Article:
THE CURRENT recession looks like an unusually short one -- a piece of good luck that promises to increase the conflict over economic policy. The recession is not yet over, and unemployment is very likely to rise further in the months ahead. But auto sales and housing starts have both risen from their very low levels of last spring. The indications of improvement are convincing.
That's good. But it also gives greater urgency to all of the hard questions about managing the recovery. A longer and deeper recession would at least have brought the inflation rate down further. In the aftermath of the last recession, inflation was down under 5 percent a year. Over the coming year, in contrast, it seems unlikely to fall much below 10 percent. What kind of policy can push the recovery forward without generating higher inflation than ever?
There's conflict between what might be called the Washington and New York perspectives. Washington and the political world tend to focus, in a recession, on the present moment and the unemployment rate. New York and its financial world are already fixed on next year and its inflation rate. Reacting to the signals of an early end to the recession, the bankers and brokers there are already beginning to show renewed anxiety over inflation. That's why interest rates have been moving upward for the past couple of weeks.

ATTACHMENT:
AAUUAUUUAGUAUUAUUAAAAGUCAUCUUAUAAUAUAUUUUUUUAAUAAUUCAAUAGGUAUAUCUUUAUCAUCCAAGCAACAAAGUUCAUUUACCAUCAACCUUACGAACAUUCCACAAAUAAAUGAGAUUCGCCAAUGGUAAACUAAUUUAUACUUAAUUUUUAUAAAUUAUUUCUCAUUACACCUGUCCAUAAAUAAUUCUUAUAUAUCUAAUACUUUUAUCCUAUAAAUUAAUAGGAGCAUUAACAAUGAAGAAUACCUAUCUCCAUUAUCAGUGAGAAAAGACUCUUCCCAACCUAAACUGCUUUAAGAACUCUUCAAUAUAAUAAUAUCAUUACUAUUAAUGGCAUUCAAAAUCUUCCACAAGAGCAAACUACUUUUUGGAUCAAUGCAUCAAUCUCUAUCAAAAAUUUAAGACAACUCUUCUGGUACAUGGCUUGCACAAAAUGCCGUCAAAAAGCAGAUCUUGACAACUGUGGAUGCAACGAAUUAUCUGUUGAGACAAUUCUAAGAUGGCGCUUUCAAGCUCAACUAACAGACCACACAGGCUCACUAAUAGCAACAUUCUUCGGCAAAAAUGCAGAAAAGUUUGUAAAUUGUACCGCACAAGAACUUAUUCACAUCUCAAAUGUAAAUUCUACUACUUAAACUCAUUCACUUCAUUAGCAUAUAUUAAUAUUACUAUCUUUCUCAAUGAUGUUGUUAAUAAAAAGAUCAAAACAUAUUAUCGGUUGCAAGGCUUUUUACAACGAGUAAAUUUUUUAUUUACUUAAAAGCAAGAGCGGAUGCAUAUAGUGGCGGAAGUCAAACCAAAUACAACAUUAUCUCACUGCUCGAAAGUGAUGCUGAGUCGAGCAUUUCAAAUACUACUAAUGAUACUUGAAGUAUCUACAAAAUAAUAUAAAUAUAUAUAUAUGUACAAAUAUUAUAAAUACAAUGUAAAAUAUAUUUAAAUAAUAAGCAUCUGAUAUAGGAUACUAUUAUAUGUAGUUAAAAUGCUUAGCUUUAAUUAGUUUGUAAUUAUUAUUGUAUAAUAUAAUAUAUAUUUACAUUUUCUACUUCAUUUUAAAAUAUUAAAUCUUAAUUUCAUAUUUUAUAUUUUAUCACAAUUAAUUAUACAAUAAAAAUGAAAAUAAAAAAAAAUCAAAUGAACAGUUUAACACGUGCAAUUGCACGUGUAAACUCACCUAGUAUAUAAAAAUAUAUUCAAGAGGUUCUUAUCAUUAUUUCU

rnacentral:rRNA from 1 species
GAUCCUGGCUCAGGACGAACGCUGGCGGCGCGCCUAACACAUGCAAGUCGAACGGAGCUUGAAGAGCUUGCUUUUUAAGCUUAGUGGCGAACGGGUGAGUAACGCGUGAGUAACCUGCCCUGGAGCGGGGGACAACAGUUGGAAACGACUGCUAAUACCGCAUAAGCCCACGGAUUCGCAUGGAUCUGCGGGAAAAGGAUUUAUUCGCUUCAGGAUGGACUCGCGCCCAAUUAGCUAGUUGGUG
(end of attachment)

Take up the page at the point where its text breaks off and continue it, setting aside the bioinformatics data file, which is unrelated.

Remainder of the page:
The percent lift in interest rates is a very peculiar departure from previous patterns. But it's not irrational, nor should it be unexpected. The rules of the game have changed.
In past recessions, interest rates have declined steadily until well after the turnaround. As business activity fell, fewer people borrowed money. As the demand for money fell, the price of money -- the interest rates -- fell with it. But this summer, the lenders, foreseeing an early return to growth and to inflation, are pushing up their rates to protect themselves.
In the past, the Federal Reserve Board could respond to a recession by increasing the money supply. That kept interest rates low, encouraging the recovery. It worked so well that the Federal Reserve generally succumbed to the temptation to overdo it.
This year, it seems to be working just the opposite way. At any hint of accelerated expansion of the money supply, the financial world would immediately assume that the government was embarking on another big inflationary binge. Regardless of the demand for loans, the interest rates would start to climb -- as they did, dramatically, earlier this year.
In the past, presidents and Congresses have leaned heavily on the Federal Reserve to cooperate in anti-recession strategy, and pump out money faster. But this year, the Federal Reserve is caught between Washington and New York. Meanwhile, the forecasts of a short recession also indicate a very slow recovery from it.The lesson seems to be that, in a period of high inflation, government policy rapidly loses its flexibility.